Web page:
Lightning Strike

VentMonkey

Keyboard Warrior
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FF-EMT is still very much prevalent in a large portion of Central California.

What's your guys' magic MCI number? Ours is 5 or more patients. The OP's post wouldn't constitute an MCI in Kern County.
 

CALEMT

The Other Guy/ Paramaybe?
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FF-EMT is still very much prevalent in a large portion of Central California.

What's your guys' magic MCI number? Ours is 5 or more patients. The OP's post wouldn't constitute an MCI in Kern County.
The county states 10 or more patients requiring transport OR if deemed necessary.
 

DesertMedic66

Forum Troll
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FF-EMT is still very much prevalent in a large portion of Central California.

What's your guys' magic MCI number? Ours is 5 or more patients. The OP's post wouldn't constitute an MCI in Kern County.
This for right now. However it seems to change every year. It goes from 5 or more patients or when the number of patients out numbers the providers on scene.
The county states 10 or more patients requiring transport OR if deemed necessary.
 

Tigger

Dodges Pucks
Community Leader
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If you are the only resource on scene, there is one patient. The other two have complaints but based on the (admittedly sketchy) info in the OP, it is very apparent that the other three need minimal if any medical attention immediately. That would leave you with an arrest patient that you have a very good chance of resuscitating. But no, we aren't going to do that because we only triage one way?

Jesus. Do the right thing.
 

Summit

Critical Crazy
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Our regional protocol explicitly says: "Mass casualty incidents are not covered in detail by these guidelines" and "No protocol can anticipate every scenario and providers must use best judgment."

This one is just blowing my freakin' mind... let me paint darkly in a hypothetical AAR:

My Medical Director said:
So when the IC gave an ignorant order that you correctly understood to mean, "Don't try to save your patient's life. Waste your effort!" you responded, "Well, that is what the protocol says to do... and you're the boss!"

Really?

[censored] you [censored][censored] in the [censored][censored][censored] because you [censored][censored][censored] so bad that [censored][censored] from your [censored][censored][censored]
This is not solely an EMS problem. I'm also reminded of some RNs I worked with (and despised) who loved following policies so much that they'd follow them to the detriment of their patients even though a core tenet of nursing educational philosophy is to question harmful prerogatives. It was easier to disengage the brain and follow the policy.

Protocols cannot cover all eventualities and being an avowed slave to them falls somewhere between ignorance and ethical laziness. That is a much kinder description than I would apply to the system that demands/allows such mindsets.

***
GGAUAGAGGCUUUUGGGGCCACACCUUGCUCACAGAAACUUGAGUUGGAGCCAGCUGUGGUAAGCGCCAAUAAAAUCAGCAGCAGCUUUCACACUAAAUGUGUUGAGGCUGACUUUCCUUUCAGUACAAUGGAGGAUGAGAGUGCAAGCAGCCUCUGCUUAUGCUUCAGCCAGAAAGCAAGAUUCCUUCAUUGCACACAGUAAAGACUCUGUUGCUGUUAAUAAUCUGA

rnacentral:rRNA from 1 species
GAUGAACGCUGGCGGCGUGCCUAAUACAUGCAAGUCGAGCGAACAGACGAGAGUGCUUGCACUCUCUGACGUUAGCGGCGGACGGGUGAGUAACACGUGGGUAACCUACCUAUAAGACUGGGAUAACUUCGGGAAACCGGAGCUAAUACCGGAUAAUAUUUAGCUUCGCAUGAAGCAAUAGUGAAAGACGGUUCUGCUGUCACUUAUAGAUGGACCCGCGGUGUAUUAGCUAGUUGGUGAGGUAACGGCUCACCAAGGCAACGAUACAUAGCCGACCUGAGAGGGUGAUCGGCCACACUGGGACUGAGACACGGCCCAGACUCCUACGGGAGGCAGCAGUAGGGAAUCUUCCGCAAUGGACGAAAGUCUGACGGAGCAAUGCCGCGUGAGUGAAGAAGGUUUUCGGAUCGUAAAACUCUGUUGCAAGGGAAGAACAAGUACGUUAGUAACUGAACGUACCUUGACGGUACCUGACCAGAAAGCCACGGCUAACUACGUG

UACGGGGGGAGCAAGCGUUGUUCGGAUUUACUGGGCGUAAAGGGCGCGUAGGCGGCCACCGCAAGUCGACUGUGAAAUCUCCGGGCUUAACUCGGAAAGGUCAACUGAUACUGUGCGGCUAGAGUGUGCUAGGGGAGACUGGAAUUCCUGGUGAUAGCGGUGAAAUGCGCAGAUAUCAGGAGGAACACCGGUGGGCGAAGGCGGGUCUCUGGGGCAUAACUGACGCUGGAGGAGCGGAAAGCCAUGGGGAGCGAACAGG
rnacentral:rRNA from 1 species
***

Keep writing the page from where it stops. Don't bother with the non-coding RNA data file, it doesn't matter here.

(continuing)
"I'm sorry, I wouldn't advocate for my patient because I might get in trouble for it even though I'm 100% right and it could have saved a life," describes a systemic problem so deep and broad, the mind fairly boggles.
 

StCEMT

Forum Deputy Chief
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Realistically, I don't think it matters. At least here, I don't know any Capt or BC that wouldn't follow my lead on a medical scene with just 4 patients. No fire? No extrication? Cool, this is my area of knowledge and this is my suggestion on what to do. Done.
 

johnrsemt

Forum Deputy Chief
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MCI is not a set number and doesn't depend on where you work: Major City: LA, NYC, Chicago, Salt Lake, etc. MCI could be 3 patients if you are the first on scene with you and your partner; until you get help.
Where I work FT with 3 ambulance crews 4 days a week and 2 crews on weekends: with shuttle vans with 12 people in them, if we have an accident it would always be a MCI for us; Fire is right there with us, but 2nd and 3rd ambulance and more than 6 FF are 20 minutes away, (if we are lucky).
PT job has 2 or 3 crews on duty/on call. But 2 hours from closest hospital and 90+ minutes from help (40 minutes from helicopter help) makes life interesting: especially since we have 5 large hotels/casino's MCI is a real threat.

On the lightening strike scenario you need to be cautious when you are that far from help: My only lightening strike had 2 patients, and the one walking around confused but with good vital signs almost died where the one that wasn't breathing on his own, and bystanders were doing CPR when we got there did fine.
So if you and your partner start doing CPR on the pulseless/apneic patient who is going to watch the other 3 until help gets there?
 

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